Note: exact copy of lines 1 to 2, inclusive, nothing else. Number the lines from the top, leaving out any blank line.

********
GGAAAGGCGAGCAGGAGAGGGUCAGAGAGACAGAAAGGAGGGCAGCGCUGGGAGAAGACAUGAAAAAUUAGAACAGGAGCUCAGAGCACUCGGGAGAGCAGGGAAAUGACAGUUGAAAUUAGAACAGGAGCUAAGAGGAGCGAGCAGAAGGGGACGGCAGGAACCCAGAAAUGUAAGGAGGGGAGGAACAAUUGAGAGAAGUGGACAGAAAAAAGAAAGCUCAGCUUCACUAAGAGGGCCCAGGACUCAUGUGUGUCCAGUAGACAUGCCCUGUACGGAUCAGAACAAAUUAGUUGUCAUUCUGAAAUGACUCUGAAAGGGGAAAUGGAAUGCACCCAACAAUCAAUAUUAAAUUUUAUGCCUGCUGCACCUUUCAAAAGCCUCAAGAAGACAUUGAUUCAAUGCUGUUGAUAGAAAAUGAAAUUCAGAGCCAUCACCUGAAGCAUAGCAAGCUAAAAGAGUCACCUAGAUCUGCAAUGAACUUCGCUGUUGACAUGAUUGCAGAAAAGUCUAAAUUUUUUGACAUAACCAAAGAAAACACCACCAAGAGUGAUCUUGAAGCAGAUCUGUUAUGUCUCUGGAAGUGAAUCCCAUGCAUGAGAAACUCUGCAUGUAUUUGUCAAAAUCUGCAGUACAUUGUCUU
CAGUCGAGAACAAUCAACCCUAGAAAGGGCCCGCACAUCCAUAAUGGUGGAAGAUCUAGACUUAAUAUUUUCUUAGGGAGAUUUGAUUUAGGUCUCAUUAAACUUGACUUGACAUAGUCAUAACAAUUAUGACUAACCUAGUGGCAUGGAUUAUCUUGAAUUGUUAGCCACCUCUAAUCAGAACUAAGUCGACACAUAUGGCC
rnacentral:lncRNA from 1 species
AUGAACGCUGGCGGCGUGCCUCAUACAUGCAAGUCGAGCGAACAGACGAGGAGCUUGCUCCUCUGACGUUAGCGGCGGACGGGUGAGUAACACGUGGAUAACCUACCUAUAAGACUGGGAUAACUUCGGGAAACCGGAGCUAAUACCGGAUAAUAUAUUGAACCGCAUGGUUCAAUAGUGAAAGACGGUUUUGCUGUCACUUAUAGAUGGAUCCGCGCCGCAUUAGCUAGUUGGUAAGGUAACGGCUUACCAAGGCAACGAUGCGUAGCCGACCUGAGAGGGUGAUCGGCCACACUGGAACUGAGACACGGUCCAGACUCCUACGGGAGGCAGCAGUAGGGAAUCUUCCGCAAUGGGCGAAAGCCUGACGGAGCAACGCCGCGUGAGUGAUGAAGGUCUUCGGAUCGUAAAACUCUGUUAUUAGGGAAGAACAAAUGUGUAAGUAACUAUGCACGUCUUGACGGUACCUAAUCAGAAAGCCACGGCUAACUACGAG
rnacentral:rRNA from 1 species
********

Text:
GGAAAGGCGAGCAGGAGAGGGUCAGAGAGACAGAAAGGAGGGCAGCGCUGGGAGAAGACAUGAAAAAUUAGAACAGGAGCUCAGAGCACUCGGGAGAGCAGGGAAAUGACAGUUGAAAUUAGAACAGGAGCUAAGAGGAGCGAGCAGAAGGGGACGGCAGGAACCCAGAAAUGUAAGGAGGGGAGGAACAAUUGAGAGAAGUGGACAGAAAAAAGAAAGCUCAGCUUCACUAAGAGGGCCCAGGACUCAUGUGUGUCCAGUAGACAUGCCCUGUACGGAUCAGAACAAAUUAGUUGUCAUUCUGAAAUGACUCUGAAAGGGGAAAUGGAAUGCACCCAACAAUCAAUAUUAAAUUUUAUGCCUGCUGCACCUUUCAAAAGCCUCAAGAAGACAUUGAUUCAAUGCUGUUGAUAGAAAAUGAAAUUCAGAGCCAUCACCUGAAGCAUAGCAAGCUAAAAGAGUCACCUAGAUCUGCAAUGAACUUCGCUGUUGACAUGAUUGCAGAAAAGUCUAAAUUUUUUGACAUAACCAAAGAAAACACCACCAAGAGUGAUCUUGAAGCAGAUCUGUUAUGUCUCUGGAAGUGAAUCCCAUGCAUGAGAAACUCUGCAUGUAUUUGUCAAAAUCUGCAGUACAUUGUCUU
CAGUCGAGAACAAUCAACCCUAGAAAGGGCCCGCACAUCCAUAAUGGUGGAAGAUCUAGACUUAAUAUUUUCUUAGGGAGAUUUGAUUUAGGUCUCAUUAAACUUGACUUGACAUAGUCAUAACAAUUAUGACUAACCUAGUGGCAUGGAUUAUCUUGAAUUGUUAGCCACCUCUAAUCAGAACUAAGUCGACACAUAUGGCC